Unfortunately there is no 'winning formula' investors can use to select successful shares. However, there are certain characteristics I look for when considering potential investments. Please remember all investments fall in value as well as rise, so you could get back less than you invest.
1. Strong product innovation
Identifying a company with a culture of product innovation can potentially reap rewards. In the consumer goods arena, Reckitt Benckiser's consistent innovation has given it an edge over competitors. Reckitt's household products such as Finish and Nurofen are global brands. The company claims to change a product formula about every 8 hours. Such formula changes may improve the product's effectiveness, or generate cost savings, money which then can be reinvested in further Research & Development.
2. Changed business model
A changed business model, often the result of new management, can provide a positive share price catalyst. In 2010, broadcaster ITV outlined a new five-year transformation plan. Initiatives under the plan included driving new revenue streams and building a strong international content business. In the company's most recent half-year results, management commented that "the transformation plan continues to gain momentum. The £106 million increase in non-advertising revenues - from content, pay and online - was particularly significant and is further evidence that our strategy of rebalancing the business and growing new revenue streams is working."
3. Exposure to recovering markets
Potential recovery in a particular market can provide appeal. The excesses and subsequent downturn in the US housing market were a major factor in the global financial crisis. However, the market is showing signs of recovery, and companies with exposure are benefiting. Plumbing merchants group Wolseley generated over 45% of its revenue in the US as of its last full-year results. As such, the same full year results saw Wolseley announcing a 10% increase in its trading profit, helped by an 8% increase in like-for-like US sales.
4. Management track records
Like football managers, I believe successful corporate managers are worth tracking. In May 2006, Richard Cousins, formerly of British Plaster Boards plc (BPB), became Chief Executive of catering company Compass Group. He helped lead a turnaround at the building materials company, which eventually led to a full blown takeover of the group. Since he took the reins at Compass Group its share price has increased from around £2.50 to over £7 today.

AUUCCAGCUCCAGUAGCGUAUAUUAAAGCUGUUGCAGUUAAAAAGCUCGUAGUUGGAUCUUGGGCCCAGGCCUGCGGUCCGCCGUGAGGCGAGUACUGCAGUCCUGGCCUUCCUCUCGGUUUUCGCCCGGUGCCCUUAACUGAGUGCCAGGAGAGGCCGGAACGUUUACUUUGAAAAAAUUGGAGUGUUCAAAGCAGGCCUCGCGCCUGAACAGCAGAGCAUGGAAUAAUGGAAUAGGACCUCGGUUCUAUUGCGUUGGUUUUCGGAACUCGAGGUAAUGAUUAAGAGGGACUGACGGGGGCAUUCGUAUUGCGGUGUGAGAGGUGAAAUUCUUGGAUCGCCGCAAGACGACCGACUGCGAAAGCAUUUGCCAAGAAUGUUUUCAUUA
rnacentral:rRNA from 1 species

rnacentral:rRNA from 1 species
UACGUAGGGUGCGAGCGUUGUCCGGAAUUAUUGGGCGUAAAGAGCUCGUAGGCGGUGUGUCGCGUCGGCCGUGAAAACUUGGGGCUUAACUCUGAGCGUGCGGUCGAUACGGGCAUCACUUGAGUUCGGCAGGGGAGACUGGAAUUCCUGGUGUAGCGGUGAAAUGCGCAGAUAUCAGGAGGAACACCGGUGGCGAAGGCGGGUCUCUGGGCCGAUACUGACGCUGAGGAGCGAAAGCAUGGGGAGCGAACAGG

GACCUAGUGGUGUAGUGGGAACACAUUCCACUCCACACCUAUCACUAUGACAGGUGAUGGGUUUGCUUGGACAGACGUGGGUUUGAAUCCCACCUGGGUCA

Phillip Bowman at industrial conglomerate Smiths Group is another CEO we believe is worth watching, having previously overseen the sale of Allied Domecq to Pernod Ricard and Scottish Power to Iberdrola. He is currently implementing a strategy to simplify and build the business.
5. Takeover potential
Takeovers often require a significant premium to be paid over the current share price. As such takeover activity is normally good for investors and potential targets are worth noting. In early 2010, confectionary group Cadbury was acquired by US company Kraft Foods (now Mondelez International Inc). Kraft highlighted Cadbury's iconic brands and strong British heritage as attractive factors, along with significant scale in key developing markets. In late 2005, the assets of P&O, difficult to replicate and attractively located, were bid for by Dubai's state-owned ports operator, DP World. P&O was then the world's fourth-largest container terminal operator. Scarcity of such assets and expected global trade growth subsequently saw a rival bid made. P&O was eventually taken over.
The value of investments can go down in value as well as up, so you could get back less than you invest. It is therefore important that you understand the risks and commitments. This website is not personal advice based on your circumstances. So you can make informed decisions for yourself we aim to provide you with the best information, best service and best prices. If you are unsure about the suitability of an investment please contact us for advice.